Joanne Gristina, 246 Central Ave., likes Plan B though it does impact on her street and asked for a building start date and was told approximately eight or nine months.
Alphonso Albunia, 56 Washington Pl., asked for the cost per square foot of the Administration, Library/Senior Center Plan B, and was told approximately $115/sq. ft, and $40 per basement sq. ft. He felt Plan A and Plan B were both invasive on traffic on the Boulevard and recommended purchasing a separate building on the Boulevard for the 8,000 square feet for Administration. Mayor Torre referred to previous comments that with the Administration, 2,000 square feet would be a council chamber, there are only 12 employees and traffic would be at a minimum. Albunia continued that it should be in another building on the Boulevard with parking in the back, such as the World Savings Bank. The question was asked by Kronyak if having Administration on the Boulevard now has caused any traffic increase. The Mayor referred anyone who wished to, to visit Kronyak and he would explain the program further.
Kronyak commented on the fact that though we were getting 4.5 million in insurance money, the building should be rebuilt for today. There will be a raise in ratables at this time to offset the additional funds needed to rebuild.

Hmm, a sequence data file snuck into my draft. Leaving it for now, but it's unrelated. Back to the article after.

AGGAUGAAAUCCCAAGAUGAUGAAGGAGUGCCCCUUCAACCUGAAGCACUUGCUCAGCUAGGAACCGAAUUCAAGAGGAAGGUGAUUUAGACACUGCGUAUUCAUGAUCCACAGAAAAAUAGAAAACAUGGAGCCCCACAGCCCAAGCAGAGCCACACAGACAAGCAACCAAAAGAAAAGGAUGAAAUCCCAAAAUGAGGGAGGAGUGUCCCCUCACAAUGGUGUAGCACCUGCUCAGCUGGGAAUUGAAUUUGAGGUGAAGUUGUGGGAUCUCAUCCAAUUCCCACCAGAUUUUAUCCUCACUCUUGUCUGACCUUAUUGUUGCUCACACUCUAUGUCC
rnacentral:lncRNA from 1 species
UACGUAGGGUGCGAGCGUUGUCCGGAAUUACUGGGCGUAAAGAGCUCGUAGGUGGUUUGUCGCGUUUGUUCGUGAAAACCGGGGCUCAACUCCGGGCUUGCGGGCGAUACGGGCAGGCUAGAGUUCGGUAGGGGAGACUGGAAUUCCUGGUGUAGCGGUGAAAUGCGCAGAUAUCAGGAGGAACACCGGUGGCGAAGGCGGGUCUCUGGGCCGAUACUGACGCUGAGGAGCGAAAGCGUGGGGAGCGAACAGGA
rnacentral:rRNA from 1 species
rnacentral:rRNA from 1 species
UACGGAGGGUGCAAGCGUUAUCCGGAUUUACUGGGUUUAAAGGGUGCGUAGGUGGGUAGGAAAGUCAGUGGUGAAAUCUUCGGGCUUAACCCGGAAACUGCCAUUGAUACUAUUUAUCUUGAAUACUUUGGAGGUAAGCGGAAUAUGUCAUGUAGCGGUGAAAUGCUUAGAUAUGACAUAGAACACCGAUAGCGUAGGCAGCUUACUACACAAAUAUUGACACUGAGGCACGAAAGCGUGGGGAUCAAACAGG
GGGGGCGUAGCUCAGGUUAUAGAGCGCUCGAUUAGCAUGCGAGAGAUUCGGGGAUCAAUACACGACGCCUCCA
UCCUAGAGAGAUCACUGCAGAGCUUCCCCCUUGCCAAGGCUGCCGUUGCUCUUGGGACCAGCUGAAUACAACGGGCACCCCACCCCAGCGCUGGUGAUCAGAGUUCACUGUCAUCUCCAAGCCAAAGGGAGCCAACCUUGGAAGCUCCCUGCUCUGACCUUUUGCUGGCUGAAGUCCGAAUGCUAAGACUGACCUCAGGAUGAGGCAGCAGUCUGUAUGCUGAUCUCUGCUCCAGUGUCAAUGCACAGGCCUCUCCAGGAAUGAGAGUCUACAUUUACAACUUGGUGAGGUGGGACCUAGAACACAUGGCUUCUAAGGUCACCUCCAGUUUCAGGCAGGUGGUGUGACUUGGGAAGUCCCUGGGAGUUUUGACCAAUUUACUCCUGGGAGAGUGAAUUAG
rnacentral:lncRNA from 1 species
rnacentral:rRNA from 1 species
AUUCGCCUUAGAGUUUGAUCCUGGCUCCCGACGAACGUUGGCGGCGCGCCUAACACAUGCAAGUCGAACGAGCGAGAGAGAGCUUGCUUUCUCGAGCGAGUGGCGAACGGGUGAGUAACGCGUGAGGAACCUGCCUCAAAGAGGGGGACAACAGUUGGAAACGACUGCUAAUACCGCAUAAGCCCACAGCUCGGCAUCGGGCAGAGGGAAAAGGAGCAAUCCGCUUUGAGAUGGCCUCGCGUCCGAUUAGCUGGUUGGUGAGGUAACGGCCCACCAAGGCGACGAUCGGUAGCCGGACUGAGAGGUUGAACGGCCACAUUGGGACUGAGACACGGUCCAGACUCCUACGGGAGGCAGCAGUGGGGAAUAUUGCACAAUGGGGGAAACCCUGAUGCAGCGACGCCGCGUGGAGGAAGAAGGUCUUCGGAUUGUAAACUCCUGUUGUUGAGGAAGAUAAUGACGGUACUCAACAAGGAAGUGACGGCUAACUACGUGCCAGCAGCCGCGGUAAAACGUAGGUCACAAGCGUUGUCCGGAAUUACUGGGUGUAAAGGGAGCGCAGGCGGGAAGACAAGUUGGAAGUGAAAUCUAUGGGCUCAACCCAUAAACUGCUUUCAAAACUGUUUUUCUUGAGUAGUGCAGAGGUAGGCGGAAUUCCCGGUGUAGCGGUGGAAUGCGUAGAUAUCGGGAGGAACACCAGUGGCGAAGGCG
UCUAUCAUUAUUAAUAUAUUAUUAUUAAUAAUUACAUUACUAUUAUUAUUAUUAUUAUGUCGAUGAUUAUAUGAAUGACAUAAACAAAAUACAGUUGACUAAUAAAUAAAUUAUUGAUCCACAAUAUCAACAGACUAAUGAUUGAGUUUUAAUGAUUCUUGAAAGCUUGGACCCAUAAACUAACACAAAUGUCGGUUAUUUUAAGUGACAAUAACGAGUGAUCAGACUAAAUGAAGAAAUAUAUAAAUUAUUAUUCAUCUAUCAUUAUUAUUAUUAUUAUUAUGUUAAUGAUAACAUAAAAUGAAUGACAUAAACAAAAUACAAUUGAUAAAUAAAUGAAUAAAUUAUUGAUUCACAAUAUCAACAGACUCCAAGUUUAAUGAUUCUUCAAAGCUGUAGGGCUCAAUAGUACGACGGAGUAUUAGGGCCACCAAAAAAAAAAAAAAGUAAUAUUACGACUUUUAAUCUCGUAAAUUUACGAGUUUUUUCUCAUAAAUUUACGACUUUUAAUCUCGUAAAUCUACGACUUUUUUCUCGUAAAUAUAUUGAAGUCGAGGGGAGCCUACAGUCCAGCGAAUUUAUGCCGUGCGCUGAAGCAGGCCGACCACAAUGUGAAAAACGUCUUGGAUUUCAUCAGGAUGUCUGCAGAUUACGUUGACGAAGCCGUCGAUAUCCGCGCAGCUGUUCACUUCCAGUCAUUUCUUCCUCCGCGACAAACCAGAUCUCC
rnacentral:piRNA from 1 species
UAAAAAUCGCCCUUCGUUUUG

Nancy Mangieri, 46 Henry St., with Plan B, could Administration stay where they are with purchasing additional property next to it. He was told that building was rented.
Joseph Marino, 150 Madison Ave., referred to the property where the Masonic Hall and Summit Bank are located, he was told accessibility could hold this up and property quickly obtained was necessary. He asked if the high school library could be expanded to house the town library as well. He was told by Iovino that not one town in New Jersey has their public library in the school library and Marino said let us be the one in the state. Mayor Torre said it could present a security problem. Marino asked about expanding the existing library and was told this had been looked into and was not feasible. He asked about the size of offices, and was told Administration departments need separate space, minimum standard, plus bathrooms, council chambers, and was told that in 50 years Administration has only increased by 2,000 square feet. Marino said you dont need a big building for part time employees andwas told none of the Mayor and Council has offices. He referred back to Masonic/Bank property and was again told we did not own that property, a fraternal order can not be condemned and Summit is one of the highest ratables on the Boulevard and looked to property already owned, as well as willing sellers of property.